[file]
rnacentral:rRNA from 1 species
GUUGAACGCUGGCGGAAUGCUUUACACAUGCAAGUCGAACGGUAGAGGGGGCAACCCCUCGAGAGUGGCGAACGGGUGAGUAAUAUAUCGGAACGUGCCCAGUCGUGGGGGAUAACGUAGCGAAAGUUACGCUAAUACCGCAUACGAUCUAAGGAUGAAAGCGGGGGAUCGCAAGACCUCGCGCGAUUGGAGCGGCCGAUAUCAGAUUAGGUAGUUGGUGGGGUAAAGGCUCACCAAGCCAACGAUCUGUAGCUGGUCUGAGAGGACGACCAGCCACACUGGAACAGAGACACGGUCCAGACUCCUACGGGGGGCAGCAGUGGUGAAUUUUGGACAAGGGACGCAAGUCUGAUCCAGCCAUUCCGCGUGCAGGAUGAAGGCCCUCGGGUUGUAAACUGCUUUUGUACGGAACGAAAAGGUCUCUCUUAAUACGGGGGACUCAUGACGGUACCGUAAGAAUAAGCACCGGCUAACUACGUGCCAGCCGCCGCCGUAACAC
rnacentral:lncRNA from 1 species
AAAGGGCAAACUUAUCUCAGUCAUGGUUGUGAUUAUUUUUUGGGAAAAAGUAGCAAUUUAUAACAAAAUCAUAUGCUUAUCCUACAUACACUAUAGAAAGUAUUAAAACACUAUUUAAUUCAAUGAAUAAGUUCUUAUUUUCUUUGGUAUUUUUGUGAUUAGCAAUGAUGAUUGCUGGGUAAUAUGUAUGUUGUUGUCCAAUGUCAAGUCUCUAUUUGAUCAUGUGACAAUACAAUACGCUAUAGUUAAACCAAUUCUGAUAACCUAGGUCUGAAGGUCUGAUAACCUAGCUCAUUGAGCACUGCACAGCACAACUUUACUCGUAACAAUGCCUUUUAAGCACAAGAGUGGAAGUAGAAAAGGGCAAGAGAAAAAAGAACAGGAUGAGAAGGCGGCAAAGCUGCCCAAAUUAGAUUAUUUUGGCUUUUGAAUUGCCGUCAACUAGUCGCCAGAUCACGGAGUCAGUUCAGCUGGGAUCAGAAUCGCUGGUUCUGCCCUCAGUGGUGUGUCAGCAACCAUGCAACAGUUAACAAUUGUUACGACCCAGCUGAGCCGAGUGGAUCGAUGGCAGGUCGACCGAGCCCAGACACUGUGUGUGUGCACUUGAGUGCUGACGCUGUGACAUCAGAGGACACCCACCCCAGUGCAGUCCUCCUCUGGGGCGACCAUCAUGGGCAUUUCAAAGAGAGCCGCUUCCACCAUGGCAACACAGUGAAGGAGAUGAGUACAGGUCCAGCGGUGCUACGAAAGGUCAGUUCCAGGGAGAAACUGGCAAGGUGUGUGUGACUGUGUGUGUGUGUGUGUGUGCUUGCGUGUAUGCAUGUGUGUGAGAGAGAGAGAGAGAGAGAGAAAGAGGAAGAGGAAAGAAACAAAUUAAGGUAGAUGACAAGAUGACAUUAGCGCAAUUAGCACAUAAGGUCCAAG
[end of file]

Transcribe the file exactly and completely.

rnacentral:rRNA from 1 species
GUUGAACGCUGGCGGAAUGCUUUACACAUGCAAGUCGAACGGUAGAGGGGGCAACCCCUCGAGAGUGGCGAACGGGUGAGUAAUAUAUCGGAACGUGCCCAGUCGUGGGGGAUAACGUAGCGAAAGUUACGCUAAUACCGCAUACGAUCUAAGGAUGAAAGCGGGGGAUCGCAAGACCUCGCGCGAUUGGAGCGGCCGAUAUCAGAUUAGGUAGUUGGUGGGGUAAAGGCUCACCAAGCCAACGAUCUGUAGCUGGUCUGAGAGGACGACCAGCCACACUGGAACAGAGACACGGUCCAGACUCCUACGGGGGGCAGCAGUGGUGAAUUUUGGACAAGGGACGCAAGUCUGAUCCAGCCAUUCCGCGUGCAGGAUGAAGGCCCUCGGGUUGUAAACUGCUUUUGUACGGAACGAAAAGGUCUCUCUUAAUACGGGGGACUCAUGACGGUACCGUAAGAAUAAGCACCGGCUAACUACGUGCCAGCCGCCGCCGUAACAC
rnacentral:lncRNA from 1 species
AAAGGGCAAACUUAUCUCAGUCAUGGUUGUGAUUAUUUUUUGGGAAAAAGUAGCAAUUUAUAACAAAAUCAUAUGCUUAUCCUACAUACACUAUAGAAAGUAUUAAAACACUAUUUAAUUCAAUGAAUAAGUUCUUAUUUUCUUUGGUAUUUUUGUGAUUAGCAAUGAUGAUUGCUGGGUAAUAUGUAUGUUGUUGUCCAAUGUCAAGUCUCUAUUUGAUCAUGUGACAAUACAAUACGCUAUAGUUAAACCAAUUCUGAUAACCUAGGUCUGAAGGUCUGAUAACCUAGCUCAUUGAGCACUGCACAGCACAACUUUACUCGUAACAAUGCCUUUUAAGCACAAGAGUGGAAGUAGAAAAGGGCAAGAGAAAAAAGAACAGGAUGAGAAGGCGGCAAAGCUGCCCAAAUUAGAUUAUUUUGGCUUUUGAAUUGCCGUCAACUAGUCGCCAGAUCACGGAGUCAGUUCAGCUGGGAUCAGAAUCGCUGGUUCUGCCCUCAGUGGUGUGUCAGCAACCAUGCAACAGUUAACAAUUGUUACGACCCAGCUGAGCCGAGUGGAUCGAUGGCAGGUCGACCGAGCCCAGACACUGUGUGUGUGCACUUGAGUGCUGACGCUGUGACAUCAGAGGACACCCACCCCAGUGCAGUCCUCCUCUGGGGCGACCAUCAUGGGCAUUUCAAAGAGAGCCGCUUCCACCAUGGCAACACAGUGAAGGAGAUGAGUACAGGUCCAGCGGUGCUACGAAAGGUCAGUUCCAGGGAGAAACUGGCAAGGUGUGUGUGACUGUGUGUGUGUGUGUGUGUGCUUGCGUGUAUGCAUGUGUGUGAGAGAGAGAGAGAGAGAGAGAAAGAGGAAGAGGAAAGAAACAAAUUAAGGUAGAUGACAAGAUGACAUUAGCGCAAUUAGCACAUAAGGUCCAAG